When we follow the Lord, we have only one care: to please Him and thank Him in all we do. But we must first establish a true relationship. We must cultivate the humility of the Publican and the determined repentance of the Prodigal Son. Each man’s relationship with God is unique. For God has created each in such a way that his particular relationship to his creator will fulfill and perfect him. He must therefore make it his only mission and purpose to build a strong relationship with Christ and to be in constant dialogue with Him. All our human relationships will derive strength from this relationship with God, and we will begin to see everything, every element of the created world in the light of this relationship. If we make it our concern to improve our relationship with Christ, deep repentance will spring forth within us. The more we grow in Christ, the more clearly we will know our poverty, and our inspiration will always be renewed. We will fear nothing because nothing will be able to separate us from His love.

In the world to come, we will continue this relationship with our Saviour which we have built up in this life. We will be judged according to our love, according to each word of Christ contained in the Gospel. Just as He asked Peter after His Resurrection, ‘Lovest thou me?’ so in the age to come He will ask each one of us the same question, and we too will reply, ‘Yea, Lord; Thou knowest that I love Thee.’ But the strength and boldness of our reply will depend entirely on the depth of our relationship with the Person of Christ. Whatever attitude we adopt in this life will continue with us beyond the grave. This is clear from the Gospel account of the judgment of the righteous, who utter the same humble thought which nourished their repentance: ‘Lord, when did we anything good upon earth? To Thee be glory, to us the shame.’ We must learn this humble attitude now, and then we will be able to live eternally with the Lord. Arrogance and self-justification have no place in Him, but they accompany us into eternity, and lead towards eternal separation from Him. (The Engraving of Christ in Man’s Heart, Stavropegic Monastery of St. John the Baptist, Essex 2017, pp.18-9)

So now the question for us to ponder is: how do we put this into action? How do we work to develop our relationship with God? I believe prayer of repentance is of prime importance in achieving this. Let me begin to explain by first offering a definition of prayer. One way we could define prayer is the expression of a relationship between two reason-endowed personal beings. By two reason-endowed personal beings, we mean God and man.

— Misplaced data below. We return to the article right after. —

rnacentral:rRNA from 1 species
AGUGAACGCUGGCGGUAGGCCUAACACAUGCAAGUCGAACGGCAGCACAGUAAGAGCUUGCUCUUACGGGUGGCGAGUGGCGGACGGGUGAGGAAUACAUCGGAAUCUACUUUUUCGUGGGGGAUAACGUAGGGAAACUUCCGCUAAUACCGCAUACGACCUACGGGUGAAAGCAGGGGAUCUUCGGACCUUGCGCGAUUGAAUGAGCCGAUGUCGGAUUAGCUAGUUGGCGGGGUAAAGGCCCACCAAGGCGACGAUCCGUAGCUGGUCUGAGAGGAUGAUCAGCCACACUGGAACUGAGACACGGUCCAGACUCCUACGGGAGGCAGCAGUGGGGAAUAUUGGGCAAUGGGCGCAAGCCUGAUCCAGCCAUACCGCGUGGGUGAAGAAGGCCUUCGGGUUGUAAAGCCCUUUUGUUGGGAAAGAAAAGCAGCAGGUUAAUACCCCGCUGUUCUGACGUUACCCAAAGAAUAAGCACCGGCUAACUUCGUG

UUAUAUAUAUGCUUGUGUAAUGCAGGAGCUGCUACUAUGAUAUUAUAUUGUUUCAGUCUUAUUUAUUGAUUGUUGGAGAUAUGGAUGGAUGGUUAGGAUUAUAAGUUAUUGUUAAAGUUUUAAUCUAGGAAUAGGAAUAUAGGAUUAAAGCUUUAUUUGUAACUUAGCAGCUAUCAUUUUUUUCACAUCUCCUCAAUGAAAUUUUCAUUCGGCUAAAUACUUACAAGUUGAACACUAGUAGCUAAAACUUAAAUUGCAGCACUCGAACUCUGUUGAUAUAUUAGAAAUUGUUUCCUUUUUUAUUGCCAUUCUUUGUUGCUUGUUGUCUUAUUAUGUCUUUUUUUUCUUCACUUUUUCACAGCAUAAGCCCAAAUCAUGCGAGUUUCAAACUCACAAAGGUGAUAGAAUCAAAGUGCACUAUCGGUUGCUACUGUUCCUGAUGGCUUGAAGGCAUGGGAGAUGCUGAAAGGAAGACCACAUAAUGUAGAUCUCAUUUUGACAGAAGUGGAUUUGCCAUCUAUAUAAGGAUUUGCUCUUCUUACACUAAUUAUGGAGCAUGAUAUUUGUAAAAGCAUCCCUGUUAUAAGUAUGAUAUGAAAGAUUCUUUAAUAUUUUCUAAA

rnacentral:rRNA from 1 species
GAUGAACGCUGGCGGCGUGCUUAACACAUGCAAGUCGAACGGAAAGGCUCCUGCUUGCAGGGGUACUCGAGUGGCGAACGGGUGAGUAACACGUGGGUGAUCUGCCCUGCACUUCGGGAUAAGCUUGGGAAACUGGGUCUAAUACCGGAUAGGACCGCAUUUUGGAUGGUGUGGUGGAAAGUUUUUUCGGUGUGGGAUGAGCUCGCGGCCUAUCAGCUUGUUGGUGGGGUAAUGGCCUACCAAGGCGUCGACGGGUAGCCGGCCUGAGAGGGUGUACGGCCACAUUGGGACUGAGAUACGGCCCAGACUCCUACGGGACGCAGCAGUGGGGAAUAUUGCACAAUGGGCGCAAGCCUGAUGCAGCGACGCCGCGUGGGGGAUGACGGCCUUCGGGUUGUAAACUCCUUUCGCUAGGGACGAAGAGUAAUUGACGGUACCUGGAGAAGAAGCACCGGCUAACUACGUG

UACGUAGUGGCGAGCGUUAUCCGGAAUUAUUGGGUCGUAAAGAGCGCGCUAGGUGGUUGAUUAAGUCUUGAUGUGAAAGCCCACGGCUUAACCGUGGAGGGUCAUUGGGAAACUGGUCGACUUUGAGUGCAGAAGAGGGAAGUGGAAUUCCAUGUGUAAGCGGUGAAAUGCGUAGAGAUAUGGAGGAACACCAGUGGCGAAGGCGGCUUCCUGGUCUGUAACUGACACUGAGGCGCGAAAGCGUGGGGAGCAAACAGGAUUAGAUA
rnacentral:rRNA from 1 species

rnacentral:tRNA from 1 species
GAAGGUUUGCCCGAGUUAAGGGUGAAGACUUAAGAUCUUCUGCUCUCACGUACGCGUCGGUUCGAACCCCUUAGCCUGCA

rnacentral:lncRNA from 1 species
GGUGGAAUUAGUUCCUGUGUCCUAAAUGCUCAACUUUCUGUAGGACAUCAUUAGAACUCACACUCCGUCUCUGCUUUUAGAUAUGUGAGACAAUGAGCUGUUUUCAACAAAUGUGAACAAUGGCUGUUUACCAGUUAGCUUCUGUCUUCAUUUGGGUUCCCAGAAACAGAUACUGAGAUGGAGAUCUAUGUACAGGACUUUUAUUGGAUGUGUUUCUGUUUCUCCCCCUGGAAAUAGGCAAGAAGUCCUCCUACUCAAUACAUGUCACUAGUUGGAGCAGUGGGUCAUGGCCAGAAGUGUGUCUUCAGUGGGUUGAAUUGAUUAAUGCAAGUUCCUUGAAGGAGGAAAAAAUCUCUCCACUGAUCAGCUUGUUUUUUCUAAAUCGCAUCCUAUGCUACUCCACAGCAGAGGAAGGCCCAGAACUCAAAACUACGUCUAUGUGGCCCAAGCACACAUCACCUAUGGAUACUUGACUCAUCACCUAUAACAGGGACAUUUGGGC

Prayer has a connection with theology because theology describes the relationship between God and man. Man was made “in the image and after the likeness of God” (Gen. 1:26); yet this was distorted by the sin of our first-parents, Adam and Eve. In listening to the serpent,
they were deceived and disobeyed the commandment of God. So they offended God and fell away from the life they knew in paradise. They distorted the original beauty of their resemblance to God and fragmented their relationship with Him. As time progressed and generations of men have come and gone, sin has multiplied, the distortion of our original beauty has been augmented, and the same is true for our relationship with God.

So, then, there are several questions that can be raised: How should this relationship between God and man be expressed? Who is God? And how do we approach Him? What is God’s attitude towards His fallen creature—man? And of what should man’s response consist? St. John the Theologian tells us who God is. He writes: “God is love” (I John 4:8). We know that with God there is “no variableness, neither shadow of turning” (James 1:17). He has not changed His attitude towards us; but we have sinned and have disfigured both our being and our relationship
with God. God continues to be Who He is—Love. His attitude towards us can be briefly expressed in the following words of St. John the Theologian: “Herein is love, not that we loved God, but that he loved us, and sent his Son to be the propitiation for our sins” (IJohn 4:10).

So, now, how do we respond to this? How do we approach God? If it were another human being we had offended we would approach with shame, a humble attitude, a desire for reconciliation, and a readiness to make some recompense. And if someone we may have happened to offend would continue to love us and do good to us, we would feel all the more embarrassed and humbled. If we now apply this to our relationship with God – Who is not our equal, but infinitely transcends our being and has done so much good for us – what can we say? Is it possible to express in words what shame and humility, what longing for reconciliation and readiness to make recompense should we approach Him with? As Fr. Zacharias said, “We must cultivate the humility of the Publican and the determined repentance of the Prodigal Son.” Then, “deep repentance will spring forth within us.”

So we need to struggle for this and as an example for such all we need to do is turn to the prayers of the Church. What we hear in the services and what we see in our traditional Prayer Book is “the humility of the Publican and the determined repentance of the Prodigal Son” and “deep repentance”. It is in the prayers of our Church that we learn, so-to-speak, the language of prayer – the language with which we approach God, and develop a relationship with Him. In this manner we hope to acquire the attitude of the righteous, “who utter the humble thought which nourished their repentance: ‘Lord, when did we anything good upon earth? To Thee be glory, to us the shame.’ We must learn the humility of this attitude now, and then we will be able to live eternally with the Lord.” Amen.